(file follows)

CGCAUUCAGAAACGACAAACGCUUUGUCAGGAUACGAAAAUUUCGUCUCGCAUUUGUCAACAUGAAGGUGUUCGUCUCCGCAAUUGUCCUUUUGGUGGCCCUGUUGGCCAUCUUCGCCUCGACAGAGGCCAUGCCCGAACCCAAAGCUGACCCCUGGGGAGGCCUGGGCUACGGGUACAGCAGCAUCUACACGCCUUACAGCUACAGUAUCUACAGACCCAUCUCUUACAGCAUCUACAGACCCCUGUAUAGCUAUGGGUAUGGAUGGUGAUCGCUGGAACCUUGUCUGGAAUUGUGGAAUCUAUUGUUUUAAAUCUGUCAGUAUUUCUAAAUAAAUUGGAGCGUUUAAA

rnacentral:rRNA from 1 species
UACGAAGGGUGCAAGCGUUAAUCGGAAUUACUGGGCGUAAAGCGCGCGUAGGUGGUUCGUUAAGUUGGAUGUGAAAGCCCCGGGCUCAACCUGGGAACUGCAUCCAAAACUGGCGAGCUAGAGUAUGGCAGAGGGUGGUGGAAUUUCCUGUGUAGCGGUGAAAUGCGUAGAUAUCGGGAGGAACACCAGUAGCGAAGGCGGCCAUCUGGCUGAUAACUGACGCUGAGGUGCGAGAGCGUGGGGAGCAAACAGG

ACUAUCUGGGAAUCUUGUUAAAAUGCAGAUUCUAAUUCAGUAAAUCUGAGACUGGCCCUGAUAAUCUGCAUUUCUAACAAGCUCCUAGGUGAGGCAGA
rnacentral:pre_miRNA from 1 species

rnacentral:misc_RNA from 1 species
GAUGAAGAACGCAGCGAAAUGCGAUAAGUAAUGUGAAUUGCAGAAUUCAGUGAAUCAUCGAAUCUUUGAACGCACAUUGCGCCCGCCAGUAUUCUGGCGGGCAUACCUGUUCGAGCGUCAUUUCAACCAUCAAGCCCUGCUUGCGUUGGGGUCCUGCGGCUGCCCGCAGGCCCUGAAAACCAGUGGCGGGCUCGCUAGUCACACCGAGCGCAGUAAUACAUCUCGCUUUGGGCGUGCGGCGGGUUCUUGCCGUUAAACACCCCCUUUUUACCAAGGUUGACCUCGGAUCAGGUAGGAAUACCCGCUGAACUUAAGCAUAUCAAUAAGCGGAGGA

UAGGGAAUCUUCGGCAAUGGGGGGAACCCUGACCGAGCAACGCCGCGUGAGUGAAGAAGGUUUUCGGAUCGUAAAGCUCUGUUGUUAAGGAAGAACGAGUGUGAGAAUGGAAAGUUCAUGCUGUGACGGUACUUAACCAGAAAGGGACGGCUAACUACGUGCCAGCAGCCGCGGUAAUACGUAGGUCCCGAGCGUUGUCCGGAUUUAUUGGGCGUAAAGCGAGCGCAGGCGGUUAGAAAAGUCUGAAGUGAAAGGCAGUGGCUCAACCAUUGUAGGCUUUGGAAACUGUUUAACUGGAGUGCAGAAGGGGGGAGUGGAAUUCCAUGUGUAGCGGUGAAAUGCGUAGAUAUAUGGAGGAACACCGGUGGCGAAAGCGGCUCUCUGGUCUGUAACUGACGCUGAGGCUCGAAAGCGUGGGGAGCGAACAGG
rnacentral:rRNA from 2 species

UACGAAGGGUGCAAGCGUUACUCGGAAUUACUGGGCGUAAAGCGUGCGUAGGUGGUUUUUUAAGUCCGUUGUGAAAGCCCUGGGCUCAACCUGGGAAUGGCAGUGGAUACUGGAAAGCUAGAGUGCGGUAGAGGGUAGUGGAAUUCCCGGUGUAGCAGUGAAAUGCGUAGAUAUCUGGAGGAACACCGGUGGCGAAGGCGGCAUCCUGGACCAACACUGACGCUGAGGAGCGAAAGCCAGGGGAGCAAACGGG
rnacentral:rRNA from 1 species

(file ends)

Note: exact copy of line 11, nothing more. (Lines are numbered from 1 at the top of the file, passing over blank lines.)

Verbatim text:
rnacentral:rRNA from 1 species